05 June 2003 | David Arminas
The higher education sector's first major e-auction for electricity has saved £1 million.
Nineteen of the universities and colleges in the London Universities Purchasing Consortium collectively shaved 10 per cent from their £10 million annual electricity bill.
One institution saved up to 24 per cent in the event, which saw eight suppliers make bids on contracts covering 156 education sites.
David Thomas, chief executive of the Energy Consortium, a non-profit organisation representing the majority of higher education institutions, said he had hoped for a reduction of 4-6 per cent.
"But to get nearly 10 per cent justifies our work," he said. "Our auction provider, Utilyx, operated faultlessly."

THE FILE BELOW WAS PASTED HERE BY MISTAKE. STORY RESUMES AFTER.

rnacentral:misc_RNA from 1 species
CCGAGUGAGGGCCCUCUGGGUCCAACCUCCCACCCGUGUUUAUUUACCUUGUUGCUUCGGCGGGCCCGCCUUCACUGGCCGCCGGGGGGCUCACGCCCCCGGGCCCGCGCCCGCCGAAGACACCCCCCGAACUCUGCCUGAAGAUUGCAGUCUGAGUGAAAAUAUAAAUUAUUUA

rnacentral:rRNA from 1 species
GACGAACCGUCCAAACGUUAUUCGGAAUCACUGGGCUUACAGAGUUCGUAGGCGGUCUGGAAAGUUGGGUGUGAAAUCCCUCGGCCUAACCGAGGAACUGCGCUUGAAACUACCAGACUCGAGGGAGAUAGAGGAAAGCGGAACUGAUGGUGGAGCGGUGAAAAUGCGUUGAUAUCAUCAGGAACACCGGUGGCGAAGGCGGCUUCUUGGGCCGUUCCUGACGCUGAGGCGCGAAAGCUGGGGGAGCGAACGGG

Last autumn, the Energy Consortium undertook a smaller, pilot e-auction with four universities in the north east and saved 13 per cent off an annual budget of £1.8 million.
Twelve suppliers showed interest in the auction but after two-hour interviews with each prospective supplier four of them dropped out.
"Those that dropped out felt they couldn't meet the criteria for delivering on the contract, which takes effect in August," added Thomas.
London Electricity, the previous sole supplier, retained several institutions. The other successful suppliers are British Energy, Scottish and Southern and new supplier Atlantic.
Based on the electricity e-auction, the Energy Consortium is considering auctions for gas in conjunction with other higher education buying consortia.
"Part of the success of this auction is that all institutions had given me written consent to sign a deal on their behalf and their participation in the contract is legally binding," he said.
Thomas noted that universities are traditionally conservative and do not easily give up the right to make their own decisions and contracts.